Google released a bunch of new Google+ features yesterday, including "What's Hot" and Instagram-ish photo filters — those weren't big surprises. But Google Ripples? We didn't see that one coming. It's weird, it's interesting... but what exactly is it?
Google Ripples is a new graphical component to Google+
When you click the menu arrow in the upper right hand corner of a Google+ post, you're now given the option to "View Ripples". Ripples is a visualisation that charts the chain reaction that occurs when content is shared on Google+. It follows the trajectory of a public post as it is shared from person-to-person — literally how the post ripples outwards for the user who shared it.
…that charts a post's progression over time...
Google Ripples creates a zoomable, web-like infographic that spirals out from the initial post. Arrows indicate a post's progression, while circles represents users who shared it. The resulting graphic looks a lot like a splash in a pond. Or a, uh, ripple.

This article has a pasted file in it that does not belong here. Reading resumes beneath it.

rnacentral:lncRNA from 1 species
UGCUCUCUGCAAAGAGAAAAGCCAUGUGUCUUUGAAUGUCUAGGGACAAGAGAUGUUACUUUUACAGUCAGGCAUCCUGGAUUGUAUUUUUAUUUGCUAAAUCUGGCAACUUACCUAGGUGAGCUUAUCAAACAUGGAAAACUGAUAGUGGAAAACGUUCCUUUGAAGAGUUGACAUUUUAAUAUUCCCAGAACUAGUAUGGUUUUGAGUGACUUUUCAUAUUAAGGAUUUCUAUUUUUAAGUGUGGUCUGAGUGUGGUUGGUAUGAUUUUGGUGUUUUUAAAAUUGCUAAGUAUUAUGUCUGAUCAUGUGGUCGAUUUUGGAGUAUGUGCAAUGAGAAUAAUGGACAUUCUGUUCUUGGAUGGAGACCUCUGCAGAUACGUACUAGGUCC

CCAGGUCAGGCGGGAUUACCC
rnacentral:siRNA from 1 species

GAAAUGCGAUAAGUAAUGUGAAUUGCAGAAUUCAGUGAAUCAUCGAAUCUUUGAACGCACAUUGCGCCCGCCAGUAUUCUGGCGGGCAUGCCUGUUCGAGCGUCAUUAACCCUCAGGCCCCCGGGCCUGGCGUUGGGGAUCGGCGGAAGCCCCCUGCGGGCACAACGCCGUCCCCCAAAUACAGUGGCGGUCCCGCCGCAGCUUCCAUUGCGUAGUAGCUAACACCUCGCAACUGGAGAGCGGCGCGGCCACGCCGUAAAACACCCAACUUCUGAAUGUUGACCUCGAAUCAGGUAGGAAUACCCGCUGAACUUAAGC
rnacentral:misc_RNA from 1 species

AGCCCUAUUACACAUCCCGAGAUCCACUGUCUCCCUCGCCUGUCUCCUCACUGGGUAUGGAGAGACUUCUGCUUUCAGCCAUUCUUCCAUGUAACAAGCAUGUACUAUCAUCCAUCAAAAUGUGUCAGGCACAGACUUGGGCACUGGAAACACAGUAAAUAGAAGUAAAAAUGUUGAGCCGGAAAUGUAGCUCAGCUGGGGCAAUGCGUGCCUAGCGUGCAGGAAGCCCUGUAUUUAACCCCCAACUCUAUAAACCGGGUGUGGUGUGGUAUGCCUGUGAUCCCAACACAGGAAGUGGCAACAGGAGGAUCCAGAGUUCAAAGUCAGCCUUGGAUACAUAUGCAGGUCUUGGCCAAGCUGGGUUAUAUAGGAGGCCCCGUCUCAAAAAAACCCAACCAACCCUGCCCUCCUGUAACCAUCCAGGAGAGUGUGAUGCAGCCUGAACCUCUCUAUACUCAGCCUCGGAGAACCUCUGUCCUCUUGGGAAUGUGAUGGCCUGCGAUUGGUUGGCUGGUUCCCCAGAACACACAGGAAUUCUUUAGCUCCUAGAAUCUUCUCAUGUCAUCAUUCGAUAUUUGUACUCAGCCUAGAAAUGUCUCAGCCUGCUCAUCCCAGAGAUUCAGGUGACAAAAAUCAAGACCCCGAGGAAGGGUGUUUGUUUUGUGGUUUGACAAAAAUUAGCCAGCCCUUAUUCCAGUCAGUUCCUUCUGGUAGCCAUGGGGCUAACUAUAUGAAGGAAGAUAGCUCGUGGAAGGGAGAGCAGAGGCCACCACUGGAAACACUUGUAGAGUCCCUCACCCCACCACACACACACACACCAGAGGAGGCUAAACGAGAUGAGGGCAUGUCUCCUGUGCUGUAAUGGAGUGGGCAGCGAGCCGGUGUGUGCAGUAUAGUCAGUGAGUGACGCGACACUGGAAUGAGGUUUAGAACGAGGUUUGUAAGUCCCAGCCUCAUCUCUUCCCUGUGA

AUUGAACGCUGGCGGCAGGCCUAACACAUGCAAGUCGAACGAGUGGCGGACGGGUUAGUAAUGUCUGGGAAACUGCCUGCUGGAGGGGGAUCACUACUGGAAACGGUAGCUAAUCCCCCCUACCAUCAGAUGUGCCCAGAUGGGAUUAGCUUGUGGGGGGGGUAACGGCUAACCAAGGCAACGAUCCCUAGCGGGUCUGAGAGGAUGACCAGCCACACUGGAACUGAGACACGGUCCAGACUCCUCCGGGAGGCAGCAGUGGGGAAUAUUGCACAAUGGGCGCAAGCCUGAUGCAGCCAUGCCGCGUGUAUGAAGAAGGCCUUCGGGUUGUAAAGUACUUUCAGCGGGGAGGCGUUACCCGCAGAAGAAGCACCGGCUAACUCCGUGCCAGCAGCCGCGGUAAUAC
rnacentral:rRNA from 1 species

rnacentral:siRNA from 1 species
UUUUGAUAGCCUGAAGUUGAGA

... in an animation that gives a sense of scale and speed…
Hit the play button at the bottom of a post's Ripples page, and you can watch the content spread from the initial splash until the present moment. A graph at the bottom of the page charts the frequency of shares over time — essentially plotting its rise and decay in popularity.
... and shows how influential the users who shared it were…
Larger circles indicate shared posts that influenced more people to repost. Zooming into these circles reveals the sequence of shares.
... which is awfully valuable information to make public...
Social networks have always collected this type of information about users — it is crucial for how they target you with advertising. Google has a long history of making data public for both moral and pragmatic reasons. Moral because Google says the data belongs to you, pragmatic because Google believes open data spurs profitable innovation.
... but it is only a controlled experiment.
Unlike trend-tracking "What's Hot", Google's not ready to take full responsibility for Ripples yet and is tossing it into the oft-purged "experimental" category. Google wants user feedback, presumably to observe how people use the tool. There's no word on an API, either, so who knows if it'll ever amount to more than a lazy day distraction. Or a chance to compare circle sizes.